• University lecturers and PhD students
  • Hardware and software developers
  • Training organisations

Hack to the Future – Friday 27th February


We planned 5 workshops with pupils from the Y8 to Y11 age range; 133 learners in total. That gave visiting teachers, student teachers, lecturers, supporters and teachers from the host school a chance to participate and reflect on a range of teaching strategies and resources observed at each session.

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All with the same aim, which was to inspire and engage pupils through Computer Science.


The workshops were:

  • Y8 pupils extending HTML coding skills using Mozilla tools and then exploring Python as a text based language through game making
  • Y10 GCSE Computing pupils using Raspberry Pi for challenges through physical computing activities
  • Y9 Science students exploring data visualisation and visualisation literacy with the Seeing Data team from Leeds University
  • Y11 GCSE Computing students extending programming with Python through game making
  • After school ‘Minecraft Hack’ club using Raspberry Pi with a group of mixed aged Minecraft fans


Teacher feedback:

“You’ve inspired teachers, parents and most importantly, children with your energy, enthusiasm and passion for computing. We’re committed to building on the success of the weekend and have lots of ideas about how we engage our community through technology.” Andrew Laycock, Assistant Principal at Carr Manor Community School.

“Fantastic event and opportunity to move forward with the Computing Curriculum.” Donna Byrne, Carr Manor Community School.


“Imaginative and engaging event.” David Duke, University of Leeds

“The event was very well organised, highly enjoyable for all and presented in an enthusiastic manner”. Wayne Book, Carr Manor Community School

Positive aspects observed by trainee teachers on the day:

  • Observing different teaching styles
  • Flexibility of choice of activities
  • Everything on the Raspberry Pi including set up
  • Being able to use Raspberry Pi. I have no previous experience with them.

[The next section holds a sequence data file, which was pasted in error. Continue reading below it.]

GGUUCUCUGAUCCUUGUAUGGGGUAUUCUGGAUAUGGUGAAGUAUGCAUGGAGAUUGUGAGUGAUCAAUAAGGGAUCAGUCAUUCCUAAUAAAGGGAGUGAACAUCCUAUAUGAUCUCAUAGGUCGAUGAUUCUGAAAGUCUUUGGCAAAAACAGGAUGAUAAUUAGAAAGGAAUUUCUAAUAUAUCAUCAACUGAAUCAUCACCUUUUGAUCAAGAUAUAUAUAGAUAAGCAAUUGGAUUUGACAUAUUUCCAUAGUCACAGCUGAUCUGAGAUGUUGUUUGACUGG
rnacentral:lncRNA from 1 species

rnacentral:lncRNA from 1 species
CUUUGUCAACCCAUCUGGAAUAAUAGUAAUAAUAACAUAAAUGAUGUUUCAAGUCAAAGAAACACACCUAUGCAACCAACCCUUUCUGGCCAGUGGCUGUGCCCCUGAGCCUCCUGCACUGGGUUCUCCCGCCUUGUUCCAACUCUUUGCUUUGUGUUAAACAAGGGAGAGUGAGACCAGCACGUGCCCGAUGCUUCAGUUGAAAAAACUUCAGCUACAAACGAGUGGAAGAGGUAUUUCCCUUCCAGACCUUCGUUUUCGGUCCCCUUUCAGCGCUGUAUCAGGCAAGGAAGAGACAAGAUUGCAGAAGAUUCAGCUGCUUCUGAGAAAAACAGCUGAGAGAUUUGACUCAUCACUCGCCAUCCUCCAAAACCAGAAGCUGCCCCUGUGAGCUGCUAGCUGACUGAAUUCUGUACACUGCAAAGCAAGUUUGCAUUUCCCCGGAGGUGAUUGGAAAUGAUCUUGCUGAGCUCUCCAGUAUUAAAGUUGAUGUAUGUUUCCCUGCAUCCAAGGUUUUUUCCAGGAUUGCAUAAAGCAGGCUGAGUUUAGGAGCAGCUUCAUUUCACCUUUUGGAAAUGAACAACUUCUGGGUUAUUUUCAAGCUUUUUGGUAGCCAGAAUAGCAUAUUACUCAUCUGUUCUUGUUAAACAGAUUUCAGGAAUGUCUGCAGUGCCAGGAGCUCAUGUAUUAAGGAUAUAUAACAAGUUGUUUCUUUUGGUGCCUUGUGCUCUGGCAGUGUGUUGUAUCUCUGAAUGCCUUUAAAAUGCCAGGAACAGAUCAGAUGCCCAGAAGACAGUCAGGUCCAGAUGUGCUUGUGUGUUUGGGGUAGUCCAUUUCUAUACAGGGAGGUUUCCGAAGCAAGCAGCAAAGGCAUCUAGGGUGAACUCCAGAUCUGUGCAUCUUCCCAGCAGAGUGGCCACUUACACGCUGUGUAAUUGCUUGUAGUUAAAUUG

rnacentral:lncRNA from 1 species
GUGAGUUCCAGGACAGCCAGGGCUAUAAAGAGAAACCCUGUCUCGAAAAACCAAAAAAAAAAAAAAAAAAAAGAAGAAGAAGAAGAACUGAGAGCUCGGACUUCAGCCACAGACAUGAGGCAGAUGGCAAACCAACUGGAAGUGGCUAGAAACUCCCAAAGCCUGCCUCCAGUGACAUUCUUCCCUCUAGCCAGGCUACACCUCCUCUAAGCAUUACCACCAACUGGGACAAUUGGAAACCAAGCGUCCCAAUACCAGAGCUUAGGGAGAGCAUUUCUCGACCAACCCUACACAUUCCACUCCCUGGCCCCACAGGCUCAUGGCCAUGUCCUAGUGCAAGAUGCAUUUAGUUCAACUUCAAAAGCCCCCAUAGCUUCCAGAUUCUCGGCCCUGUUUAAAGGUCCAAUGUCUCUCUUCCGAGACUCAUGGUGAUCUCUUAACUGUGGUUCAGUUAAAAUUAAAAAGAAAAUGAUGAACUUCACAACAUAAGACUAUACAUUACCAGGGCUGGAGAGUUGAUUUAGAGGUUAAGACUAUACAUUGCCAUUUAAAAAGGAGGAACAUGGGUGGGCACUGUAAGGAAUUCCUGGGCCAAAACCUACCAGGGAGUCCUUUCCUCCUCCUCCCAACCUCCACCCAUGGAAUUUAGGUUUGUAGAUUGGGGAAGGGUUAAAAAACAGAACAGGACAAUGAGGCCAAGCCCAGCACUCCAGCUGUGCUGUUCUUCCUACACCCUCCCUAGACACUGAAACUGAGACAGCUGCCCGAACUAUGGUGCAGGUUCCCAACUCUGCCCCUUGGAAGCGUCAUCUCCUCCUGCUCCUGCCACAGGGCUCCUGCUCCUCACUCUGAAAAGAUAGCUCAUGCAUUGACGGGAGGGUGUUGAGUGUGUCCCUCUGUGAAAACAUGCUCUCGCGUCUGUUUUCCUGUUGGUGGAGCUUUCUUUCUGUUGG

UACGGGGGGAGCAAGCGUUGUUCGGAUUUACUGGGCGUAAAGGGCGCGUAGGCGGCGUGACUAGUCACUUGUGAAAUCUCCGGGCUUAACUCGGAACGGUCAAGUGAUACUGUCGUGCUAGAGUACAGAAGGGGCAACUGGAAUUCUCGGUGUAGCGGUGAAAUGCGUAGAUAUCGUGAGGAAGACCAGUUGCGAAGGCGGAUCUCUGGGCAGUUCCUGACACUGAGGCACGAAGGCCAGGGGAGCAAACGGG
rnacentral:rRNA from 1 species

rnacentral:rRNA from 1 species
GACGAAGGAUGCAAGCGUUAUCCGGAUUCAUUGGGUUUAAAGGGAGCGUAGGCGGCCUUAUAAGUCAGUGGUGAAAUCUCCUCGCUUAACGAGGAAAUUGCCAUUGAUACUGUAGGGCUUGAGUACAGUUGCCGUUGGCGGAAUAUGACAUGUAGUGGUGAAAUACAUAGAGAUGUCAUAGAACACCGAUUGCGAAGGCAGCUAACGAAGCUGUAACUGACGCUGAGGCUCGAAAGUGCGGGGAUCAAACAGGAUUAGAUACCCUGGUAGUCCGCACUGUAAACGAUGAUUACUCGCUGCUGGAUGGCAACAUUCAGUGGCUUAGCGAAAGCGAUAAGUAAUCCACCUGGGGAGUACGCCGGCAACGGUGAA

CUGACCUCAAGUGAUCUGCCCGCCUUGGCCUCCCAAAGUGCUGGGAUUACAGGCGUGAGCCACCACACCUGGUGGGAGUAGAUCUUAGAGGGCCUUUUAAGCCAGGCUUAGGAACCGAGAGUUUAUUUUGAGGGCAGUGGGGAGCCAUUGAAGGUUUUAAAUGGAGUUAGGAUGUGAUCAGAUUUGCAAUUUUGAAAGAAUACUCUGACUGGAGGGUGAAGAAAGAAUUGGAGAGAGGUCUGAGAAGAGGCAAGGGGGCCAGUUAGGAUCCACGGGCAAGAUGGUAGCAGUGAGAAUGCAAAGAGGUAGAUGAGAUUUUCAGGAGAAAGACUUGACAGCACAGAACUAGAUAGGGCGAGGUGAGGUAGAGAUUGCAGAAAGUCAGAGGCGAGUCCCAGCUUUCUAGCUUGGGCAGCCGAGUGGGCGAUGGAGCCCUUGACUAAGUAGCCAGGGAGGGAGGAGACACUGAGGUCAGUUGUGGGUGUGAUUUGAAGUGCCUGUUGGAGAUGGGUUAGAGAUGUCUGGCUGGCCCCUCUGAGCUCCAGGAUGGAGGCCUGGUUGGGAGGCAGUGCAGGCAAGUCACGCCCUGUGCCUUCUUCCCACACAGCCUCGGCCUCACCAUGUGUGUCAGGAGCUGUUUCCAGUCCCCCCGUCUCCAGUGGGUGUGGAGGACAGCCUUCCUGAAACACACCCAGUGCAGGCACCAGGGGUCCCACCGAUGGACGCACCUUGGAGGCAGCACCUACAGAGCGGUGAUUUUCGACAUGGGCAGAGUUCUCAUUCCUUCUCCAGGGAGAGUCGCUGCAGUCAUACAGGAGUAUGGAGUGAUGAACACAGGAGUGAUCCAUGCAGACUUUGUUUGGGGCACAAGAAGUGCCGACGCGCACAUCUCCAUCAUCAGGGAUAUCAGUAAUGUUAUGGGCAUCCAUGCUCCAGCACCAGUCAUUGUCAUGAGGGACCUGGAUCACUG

• Trying out new concepts
  • The resources available are very good

Family Hack Jam

Seventeen family teams joined us for the Hack Jam on Friday evening. All collaborating on a Leeds-based plotline and using either Scratch or Twine as their chosen tool.


For some it was a chance to use the open source software for the first time and to be shown by the younger generation how to get started and develop a game.

Lots of learning conversations and spying opportunities to enhance a team’s concept, whether that involved blue bananas at Tropical World, gold Olympic post-boxes, unicorns or iconic journeys around the city.


And the first team into the Prize Chamber?   The collaborators entering the Unicorn Heaven hack.


We did it!


Treasures from the Prize Chamber : )

Teacher feedback:

“It’s a good event to learn how children investigate software themselves. More discovery learning than school.” Jenny Sharp

“Go, it is ace! Plenty of ideas to use at all levels. Differentiation and learning for all!” Seba Thomson

Raspberry Jam – Saturday 28th February

Over 150 people came together to jam in Raspberry Pi style at the birthday party weekend event.


New collaborations formed, as they always do, with young sharing with an older generation, elders mentoring younger jammers, teachers sharing projects with trainee teachers and above all else, everybody asking each other ‘how did you do that?’.